I'm searching for a "demo" site for learning smitty (get the used commands by F6!)
Are there any? Like there are router demo sites:
Because AIX can't run in a VM :(
There doesn't seem to be a "demo" site out there. Not only is this an aging system used by only a small minority of administrators, but you are expected to understand AIX already before automating it's administration. All the resources available seem to be more advanced that you are looking for, but here are some materials to read anyway:
- IBM has an article that goes over the basics of SMIT. Since SMIT is a just an administration interface to AIX in general, the other whitepapers on AIX also have relevant information as you go along.
- There is an article covering SMIT in brief in Volume 10 of SysAdmin, along with a few other pieces on AIX.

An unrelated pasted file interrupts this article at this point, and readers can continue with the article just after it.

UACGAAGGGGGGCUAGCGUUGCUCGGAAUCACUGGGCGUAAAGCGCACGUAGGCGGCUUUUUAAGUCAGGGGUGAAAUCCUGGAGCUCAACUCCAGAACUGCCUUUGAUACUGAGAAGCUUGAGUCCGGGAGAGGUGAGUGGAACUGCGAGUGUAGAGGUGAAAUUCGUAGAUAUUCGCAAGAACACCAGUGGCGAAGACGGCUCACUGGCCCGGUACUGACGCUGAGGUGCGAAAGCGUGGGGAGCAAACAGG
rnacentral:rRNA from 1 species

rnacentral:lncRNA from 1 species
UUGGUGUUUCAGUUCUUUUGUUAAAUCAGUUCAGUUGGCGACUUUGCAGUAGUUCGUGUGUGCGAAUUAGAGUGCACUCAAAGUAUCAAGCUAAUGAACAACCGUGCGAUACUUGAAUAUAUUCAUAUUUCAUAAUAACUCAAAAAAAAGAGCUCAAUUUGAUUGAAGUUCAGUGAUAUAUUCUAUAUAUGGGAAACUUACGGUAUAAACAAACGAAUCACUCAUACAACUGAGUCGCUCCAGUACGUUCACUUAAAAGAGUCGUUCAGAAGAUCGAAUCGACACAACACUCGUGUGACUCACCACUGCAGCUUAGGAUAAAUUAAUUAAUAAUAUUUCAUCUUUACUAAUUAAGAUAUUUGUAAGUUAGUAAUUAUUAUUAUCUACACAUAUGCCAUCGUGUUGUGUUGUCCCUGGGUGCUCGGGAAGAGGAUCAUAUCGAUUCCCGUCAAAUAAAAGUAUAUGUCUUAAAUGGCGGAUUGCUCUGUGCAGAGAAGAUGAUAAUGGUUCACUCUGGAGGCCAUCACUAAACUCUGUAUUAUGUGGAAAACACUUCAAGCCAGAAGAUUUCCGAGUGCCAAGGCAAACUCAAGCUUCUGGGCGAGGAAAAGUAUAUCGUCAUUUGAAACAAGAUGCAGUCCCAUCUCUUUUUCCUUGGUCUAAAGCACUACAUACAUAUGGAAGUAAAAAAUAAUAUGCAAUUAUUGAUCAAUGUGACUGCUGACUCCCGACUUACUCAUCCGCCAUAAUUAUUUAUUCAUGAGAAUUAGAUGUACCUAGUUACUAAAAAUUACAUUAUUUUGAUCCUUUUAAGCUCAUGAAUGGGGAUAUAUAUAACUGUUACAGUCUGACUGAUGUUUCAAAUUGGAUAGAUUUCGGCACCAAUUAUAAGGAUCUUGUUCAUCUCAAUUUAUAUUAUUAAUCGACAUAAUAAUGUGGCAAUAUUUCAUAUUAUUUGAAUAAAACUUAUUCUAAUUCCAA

- The wikipedia coverage is pretty sketchy, but the IBM AIX SMIT page page has a few of the keybindings and a good summary of what you're dealing with.
- As far as a list of commands goes, SMIT is just a control interface for other system commands, and you cat get some command line arguments for it in this documentation.
You can run SMIT with a -x parameter as described here:
A safer way to explore the SMIT application is by invoking it with the -x flag. When the -x flag is specified on the command line, SMIT appears to function normally, but it will not actually execute any commands. Instead, it writes to the smit.script file the commands it would have run under normal operation.
As far as I know there is no smitty "simulator" available. If you are an IBM partner, the Virtual Loaner Program may be something for you.
Smitty uses the same commands, that you can access from the command line. For many tasks (excluding HACMP) it is often easier to use CLI, without invoking smitty.
When you use smitty and try to take a peek at the command being called for a given task (F6), what you see is a short and ugly shell script in ksh. For non-trivial tasks rather than analyse the script I usually find it easier to just read which command is being called (e.g.,
nim) and then go through appropriate man page.